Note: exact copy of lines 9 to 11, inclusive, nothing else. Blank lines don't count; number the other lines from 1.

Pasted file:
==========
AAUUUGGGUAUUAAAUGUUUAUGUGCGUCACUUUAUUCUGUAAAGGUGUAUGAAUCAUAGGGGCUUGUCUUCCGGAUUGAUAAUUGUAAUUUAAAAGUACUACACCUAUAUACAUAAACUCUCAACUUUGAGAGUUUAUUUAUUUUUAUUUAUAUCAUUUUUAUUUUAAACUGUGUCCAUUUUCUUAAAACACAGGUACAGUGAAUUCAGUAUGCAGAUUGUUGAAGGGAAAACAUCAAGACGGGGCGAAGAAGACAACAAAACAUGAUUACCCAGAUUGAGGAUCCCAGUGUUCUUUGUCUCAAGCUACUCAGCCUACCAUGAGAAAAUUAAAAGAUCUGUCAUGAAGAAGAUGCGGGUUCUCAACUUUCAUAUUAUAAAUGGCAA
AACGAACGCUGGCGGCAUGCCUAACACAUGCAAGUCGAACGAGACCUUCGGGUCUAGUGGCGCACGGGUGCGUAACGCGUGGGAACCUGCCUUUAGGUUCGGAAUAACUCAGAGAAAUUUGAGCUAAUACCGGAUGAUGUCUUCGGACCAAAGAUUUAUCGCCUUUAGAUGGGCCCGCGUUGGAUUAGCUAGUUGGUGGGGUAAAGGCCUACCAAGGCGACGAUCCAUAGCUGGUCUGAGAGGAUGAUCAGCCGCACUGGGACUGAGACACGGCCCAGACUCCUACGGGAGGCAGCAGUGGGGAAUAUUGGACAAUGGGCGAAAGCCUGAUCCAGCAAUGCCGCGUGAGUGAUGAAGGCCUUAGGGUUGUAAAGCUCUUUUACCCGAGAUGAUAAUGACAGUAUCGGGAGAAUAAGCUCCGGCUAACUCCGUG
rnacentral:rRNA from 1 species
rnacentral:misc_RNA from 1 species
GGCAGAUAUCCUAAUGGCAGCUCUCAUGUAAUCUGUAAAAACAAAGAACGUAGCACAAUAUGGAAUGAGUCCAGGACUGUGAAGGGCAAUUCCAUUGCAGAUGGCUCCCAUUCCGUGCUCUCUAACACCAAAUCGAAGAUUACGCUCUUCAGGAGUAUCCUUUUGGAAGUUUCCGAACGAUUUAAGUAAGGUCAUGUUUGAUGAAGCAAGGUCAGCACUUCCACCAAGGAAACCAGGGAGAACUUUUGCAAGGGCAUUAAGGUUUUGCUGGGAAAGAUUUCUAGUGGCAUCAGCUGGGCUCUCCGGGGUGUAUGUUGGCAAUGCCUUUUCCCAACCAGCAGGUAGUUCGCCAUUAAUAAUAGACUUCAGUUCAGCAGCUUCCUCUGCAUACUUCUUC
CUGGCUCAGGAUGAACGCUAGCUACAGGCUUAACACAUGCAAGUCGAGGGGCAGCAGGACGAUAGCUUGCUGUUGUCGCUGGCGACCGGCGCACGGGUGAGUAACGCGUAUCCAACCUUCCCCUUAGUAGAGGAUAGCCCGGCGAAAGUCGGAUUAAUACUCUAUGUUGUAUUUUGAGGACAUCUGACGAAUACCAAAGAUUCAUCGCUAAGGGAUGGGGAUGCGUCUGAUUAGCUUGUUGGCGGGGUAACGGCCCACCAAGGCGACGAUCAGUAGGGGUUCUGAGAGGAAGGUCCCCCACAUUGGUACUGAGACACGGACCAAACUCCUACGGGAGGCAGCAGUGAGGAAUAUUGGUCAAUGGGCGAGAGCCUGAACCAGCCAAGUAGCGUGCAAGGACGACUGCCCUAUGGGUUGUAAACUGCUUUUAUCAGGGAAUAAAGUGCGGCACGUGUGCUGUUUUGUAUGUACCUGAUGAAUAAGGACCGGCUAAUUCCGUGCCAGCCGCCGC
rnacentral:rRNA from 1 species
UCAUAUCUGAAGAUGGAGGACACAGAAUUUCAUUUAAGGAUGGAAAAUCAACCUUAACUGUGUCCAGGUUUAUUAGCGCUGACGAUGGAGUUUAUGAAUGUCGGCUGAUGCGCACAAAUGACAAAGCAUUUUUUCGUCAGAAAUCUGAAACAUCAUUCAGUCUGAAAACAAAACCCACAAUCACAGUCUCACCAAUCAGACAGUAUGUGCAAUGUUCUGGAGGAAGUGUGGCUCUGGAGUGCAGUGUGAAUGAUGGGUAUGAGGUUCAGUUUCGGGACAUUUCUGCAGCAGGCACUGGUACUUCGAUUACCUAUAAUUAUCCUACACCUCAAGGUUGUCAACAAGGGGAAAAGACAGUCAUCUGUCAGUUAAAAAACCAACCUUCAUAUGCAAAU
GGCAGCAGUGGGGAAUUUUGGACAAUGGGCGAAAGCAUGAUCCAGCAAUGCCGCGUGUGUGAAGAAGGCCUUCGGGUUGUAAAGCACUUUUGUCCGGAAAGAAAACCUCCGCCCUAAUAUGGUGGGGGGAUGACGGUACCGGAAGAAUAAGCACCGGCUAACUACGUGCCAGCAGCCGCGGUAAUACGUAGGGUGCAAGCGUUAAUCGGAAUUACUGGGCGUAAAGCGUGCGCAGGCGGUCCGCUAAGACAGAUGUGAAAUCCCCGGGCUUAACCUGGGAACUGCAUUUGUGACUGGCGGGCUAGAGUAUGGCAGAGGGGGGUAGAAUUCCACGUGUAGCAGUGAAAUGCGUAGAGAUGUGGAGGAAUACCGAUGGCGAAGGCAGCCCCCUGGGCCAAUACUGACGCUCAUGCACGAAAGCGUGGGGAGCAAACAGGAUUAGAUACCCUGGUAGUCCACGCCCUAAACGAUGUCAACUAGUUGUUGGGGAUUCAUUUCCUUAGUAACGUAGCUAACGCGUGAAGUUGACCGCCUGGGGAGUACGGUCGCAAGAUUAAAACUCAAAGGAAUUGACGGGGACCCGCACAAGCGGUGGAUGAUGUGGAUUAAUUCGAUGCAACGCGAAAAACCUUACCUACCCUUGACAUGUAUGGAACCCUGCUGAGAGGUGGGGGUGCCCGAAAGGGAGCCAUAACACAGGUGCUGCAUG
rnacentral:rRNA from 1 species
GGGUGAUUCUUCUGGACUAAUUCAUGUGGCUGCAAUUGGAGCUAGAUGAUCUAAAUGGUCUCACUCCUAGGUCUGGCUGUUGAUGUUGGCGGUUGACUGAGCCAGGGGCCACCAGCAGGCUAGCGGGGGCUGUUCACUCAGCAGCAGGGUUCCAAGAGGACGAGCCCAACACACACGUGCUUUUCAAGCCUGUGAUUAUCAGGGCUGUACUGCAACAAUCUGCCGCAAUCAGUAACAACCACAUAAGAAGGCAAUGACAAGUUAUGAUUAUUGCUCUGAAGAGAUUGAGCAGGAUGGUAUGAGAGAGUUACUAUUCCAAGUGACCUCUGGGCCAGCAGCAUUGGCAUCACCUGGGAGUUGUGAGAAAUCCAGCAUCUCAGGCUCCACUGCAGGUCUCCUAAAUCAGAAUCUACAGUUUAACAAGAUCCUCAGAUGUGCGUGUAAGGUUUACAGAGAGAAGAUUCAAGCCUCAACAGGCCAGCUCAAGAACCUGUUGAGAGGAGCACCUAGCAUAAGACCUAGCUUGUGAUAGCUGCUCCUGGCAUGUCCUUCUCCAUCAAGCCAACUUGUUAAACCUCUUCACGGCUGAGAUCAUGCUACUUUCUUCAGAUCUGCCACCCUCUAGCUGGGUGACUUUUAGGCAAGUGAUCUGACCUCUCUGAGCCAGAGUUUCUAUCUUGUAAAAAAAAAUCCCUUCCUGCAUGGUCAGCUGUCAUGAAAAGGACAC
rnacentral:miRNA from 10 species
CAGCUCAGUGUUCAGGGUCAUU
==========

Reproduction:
GGCAGCAGUGGGGAAUUUUGGACAAUGGGCGAAAGCAUGAUCCAGCAAUGCCGCGUGUGUGAAGAAGGCCUUCGGGUUGUAAAGCACUUUUGUCCGGAAAGAAAACCUCCGCCCUAAUAUGGUGGGGGGAUGACGGUACCGGAAGAAUAAGCACCGGCUAACUACGUGCCAGCAGCCGCGGUAAUACGUAGGGUGCAAGCGUUAAUCGGAAUUACUGGGCGUAAAGCGUGCGCAGGCGGUCCGCUAAGACAGAUGUGAAAUCCCCGGGCUUAACCUGGGAACUGCAUUUGUGACUGGCGGGCUAGAGUAUGGCAGAGGGGGGUAGAAUUCCACGUGUAGCAGUGAAAUGCGUAGAGAUGUGGAGGAAUACCGAUGGCGAAGGCAGCCCCCUGGGCCAAUACUGACGCUCAUGCACGAAAGCGUGGGGAGCAAACAGGAUUAGAUACCCUGGUAGUCCACGCCCUAAACGAUGUCAACUAGUUGUUGGGGAUUCAUUUCCUUAGUAACGUAGCUAACGCGUGAAGUUGACCGCCUGGGGAGUACGGUCGCAAGAUUAAAACUCAAAGGAAUUGACGGGGACCCGCACAAGCGGUGGAUGAUGUGGAUUAAUUCGAUGCAACGCGAAAAACCUUACCUACCCUUGACAUGUAUGGAACCCUGCUGAGAGGUGGGGGUGCCCGAAAGGGAGCCAUAACACAGGUGCUGCAUG
rnacentral:rRNA from 1 species
GGGUGAUUCUUCUGGACUAAUUCAUGUGGCUGCAAUUGGAGCUAGAUGAUCUAAAUGGUCUCACUCCUAGGUCUGGCUGUUGAUGUUGGCGGUUGACUGAGCCAGGGGCCACCAGCAGGCUAGCGGGGGCUGUUCACUCAGCAGCAGGGUUCCAAGAGGACGAGCCCAACACACACGUGCUUUUCAAGCCUGUGAUUAUCAGGGCUGUACUGCAACAAUCUGCCGCAAUCAGUAACAACCACAUAAGAAGGCAAUGACAAGUUAUGAUUAUUGCUCUGAAGAGAUUGAGCAGGAUGGUAUGAGAGAGUUACUAUUCCAAGUGACCUCUGGGCCAGCAGCAUUGGCAUCACCUGGGAGUUGUGAGAAAUCCAGCAUCUCAGGCUCCACUGCAGGUCUCCUAAAUCAGAAUCUACAGUUUAACAAGAUCCUCAGAUGUGCGUGUAAGGUUUACAGAGAGAAGAUUCAAGCCUCAACAGGCCAGCUCAAGAACCUGUUGAGAGGAGCACCUAGCAUAAGACCUAGCUUGUGAUAGCUGCUCCUGGCAUGUCCUUCUCCAUCAAGCCAACUUGUUAAACCUCUUCACGGCUGAGAUCAUGCUACUUUCUUCAGAUCUGCCACCCUCUAGCUGGGUGACUUUUAGGCAAGUGAUCUGACCUCUCUGAGCCAGAGUUUCUAUCUUGUAAAAAAAAAUCCCUUCCUGCAUGGUCAGCUGUCAUGAAAAGGACAC